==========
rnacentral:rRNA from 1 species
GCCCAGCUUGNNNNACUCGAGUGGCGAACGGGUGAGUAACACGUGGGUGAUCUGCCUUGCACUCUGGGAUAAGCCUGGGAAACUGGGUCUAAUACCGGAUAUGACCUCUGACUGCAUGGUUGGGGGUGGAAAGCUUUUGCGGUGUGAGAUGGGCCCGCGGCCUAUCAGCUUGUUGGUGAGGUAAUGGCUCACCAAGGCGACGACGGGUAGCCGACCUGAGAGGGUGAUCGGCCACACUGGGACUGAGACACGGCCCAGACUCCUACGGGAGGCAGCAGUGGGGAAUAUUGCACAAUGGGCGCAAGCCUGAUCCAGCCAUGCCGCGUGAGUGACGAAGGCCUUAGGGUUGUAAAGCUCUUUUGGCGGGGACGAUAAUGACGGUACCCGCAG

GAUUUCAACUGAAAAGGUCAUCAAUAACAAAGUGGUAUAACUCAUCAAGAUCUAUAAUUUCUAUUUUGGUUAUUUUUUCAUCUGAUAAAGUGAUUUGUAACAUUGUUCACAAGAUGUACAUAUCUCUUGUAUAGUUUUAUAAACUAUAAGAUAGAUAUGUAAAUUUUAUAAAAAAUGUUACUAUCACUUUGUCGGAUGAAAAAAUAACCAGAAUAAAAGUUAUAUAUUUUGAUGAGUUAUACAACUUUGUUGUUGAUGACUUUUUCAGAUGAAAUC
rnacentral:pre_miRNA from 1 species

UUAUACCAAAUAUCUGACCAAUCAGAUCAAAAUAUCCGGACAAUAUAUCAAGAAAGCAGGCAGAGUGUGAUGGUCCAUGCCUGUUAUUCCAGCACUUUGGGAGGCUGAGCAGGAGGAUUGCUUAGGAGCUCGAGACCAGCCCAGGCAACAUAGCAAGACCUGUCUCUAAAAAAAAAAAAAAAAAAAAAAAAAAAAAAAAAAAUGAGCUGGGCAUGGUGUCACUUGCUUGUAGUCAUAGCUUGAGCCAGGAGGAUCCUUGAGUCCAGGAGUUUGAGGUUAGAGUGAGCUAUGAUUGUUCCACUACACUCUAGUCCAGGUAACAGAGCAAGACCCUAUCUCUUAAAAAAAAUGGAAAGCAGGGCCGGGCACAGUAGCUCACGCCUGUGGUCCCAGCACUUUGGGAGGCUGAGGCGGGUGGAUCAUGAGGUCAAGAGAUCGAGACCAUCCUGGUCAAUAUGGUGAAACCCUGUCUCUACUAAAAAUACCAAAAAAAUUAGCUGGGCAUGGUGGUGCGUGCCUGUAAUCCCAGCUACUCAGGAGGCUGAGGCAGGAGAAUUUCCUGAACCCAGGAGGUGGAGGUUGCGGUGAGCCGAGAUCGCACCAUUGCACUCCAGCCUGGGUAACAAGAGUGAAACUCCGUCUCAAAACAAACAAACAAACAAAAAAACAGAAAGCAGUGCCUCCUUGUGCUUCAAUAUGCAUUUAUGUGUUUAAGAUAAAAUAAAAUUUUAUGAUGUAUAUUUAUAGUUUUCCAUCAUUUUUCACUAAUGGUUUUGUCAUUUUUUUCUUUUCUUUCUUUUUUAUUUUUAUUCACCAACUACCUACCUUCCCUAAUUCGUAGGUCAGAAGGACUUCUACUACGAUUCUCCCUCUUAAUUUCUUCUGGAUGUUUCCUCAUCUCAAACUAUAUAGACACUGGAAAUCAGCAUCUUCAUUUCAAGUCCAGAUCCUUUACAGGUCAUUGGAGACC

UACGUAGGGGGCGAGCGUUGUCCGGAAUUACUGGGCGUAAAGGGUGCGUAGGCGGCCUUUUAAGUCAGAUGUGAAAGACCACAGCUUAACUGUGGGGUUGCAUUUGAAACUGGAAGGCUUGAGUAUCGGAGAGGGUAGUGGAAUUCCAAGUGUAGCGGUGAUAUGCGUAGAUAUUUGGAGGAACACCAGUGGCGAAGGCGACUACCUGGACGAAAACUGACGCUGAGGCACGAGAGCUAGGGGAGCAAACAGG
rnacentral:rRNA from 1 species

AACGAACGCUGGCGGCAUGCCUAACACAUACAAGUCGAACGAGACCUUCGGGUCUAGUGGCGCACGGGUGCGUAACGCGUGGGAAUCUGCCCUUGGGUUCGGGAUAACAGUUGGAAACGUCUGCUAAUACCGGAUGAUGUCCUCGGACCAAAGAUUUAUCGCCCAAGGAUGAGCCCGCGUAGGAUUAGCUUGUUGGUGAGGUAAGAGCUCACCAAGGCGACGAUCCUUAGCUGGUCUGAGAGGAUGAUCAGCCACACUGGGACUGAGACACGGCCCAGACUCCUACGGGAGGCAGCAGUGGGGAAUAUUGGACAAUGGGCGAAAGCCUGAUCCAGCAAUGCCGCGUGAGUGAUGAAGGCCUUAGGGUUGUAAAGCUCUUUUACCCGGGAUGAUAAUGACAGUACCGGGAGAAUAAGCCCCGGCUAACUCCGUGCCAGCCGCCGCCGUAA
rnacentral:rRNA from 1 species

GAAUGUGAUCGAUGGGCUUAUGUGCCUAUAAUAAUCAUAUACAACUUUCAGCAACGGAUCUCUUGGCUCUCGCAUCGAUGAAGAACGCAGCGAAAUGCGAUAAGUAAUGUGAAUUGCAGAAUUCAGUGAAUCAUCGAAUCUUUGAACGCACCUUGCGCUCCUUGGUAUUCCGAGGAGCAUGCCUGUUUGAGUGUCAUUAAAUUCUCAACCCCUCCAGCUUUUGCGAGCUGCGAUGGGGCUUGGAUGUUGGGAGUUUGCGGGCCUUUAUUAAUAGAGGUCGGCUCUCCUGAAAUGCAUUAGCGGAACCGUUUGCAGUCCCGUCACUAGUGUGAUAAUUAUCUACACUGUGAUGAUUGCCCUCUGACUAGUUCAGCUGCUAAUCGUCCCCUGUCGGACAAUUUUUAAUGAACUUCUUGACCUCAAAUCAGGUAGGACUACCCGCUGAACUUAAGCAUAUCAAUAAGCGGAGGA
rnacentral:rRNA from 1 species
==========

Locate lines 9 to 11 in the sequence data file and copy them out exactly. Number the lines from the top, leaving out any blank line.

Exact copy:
rnacentral:rRNA from 1 species

GAAUGUGAUCGAUGGGCUUAUGUGCCUAUAAUAAUCAUAUACAACUUUCAGCAACGGAUCUCUUGGCUCUCGCAUCGAUGAAGAACGCAGCGAAAUGCGAUAAGUAAUGUGAAUUGCAGAAUUCAGUGAAUCAUCGAAUCUUUGAACGCACCUUGCGCUCCUUGGUAUUCCGAGGAGCAUGCCUGUUUGAGUGUCAUUAAAUUCUCAACCCCUCCAGCUUUUGCGAGCUGCGAUGGGGCUUGGAUGUUGGGAGUUUGCGGGCCUUUAUUAAUAGAGGUCGGCUCUCCUGAAAUGCAUUAGCGGAACCGUUUGCAGUCCCGUCACUAGUGUGAUAAUUAUCUACACUGUGAUGAUUGCCCUCUGACUAGUUCAGCUGCUAAUCGUCCCCUGUCGGACAAUUUUUAAUGAACUUCUUGACCUCAAAUCAGGUAGGACUACCCGCUGAACUUAAGCAUAUCAAUAAGCGGAGGA
rnacentral:rRNA from 1 species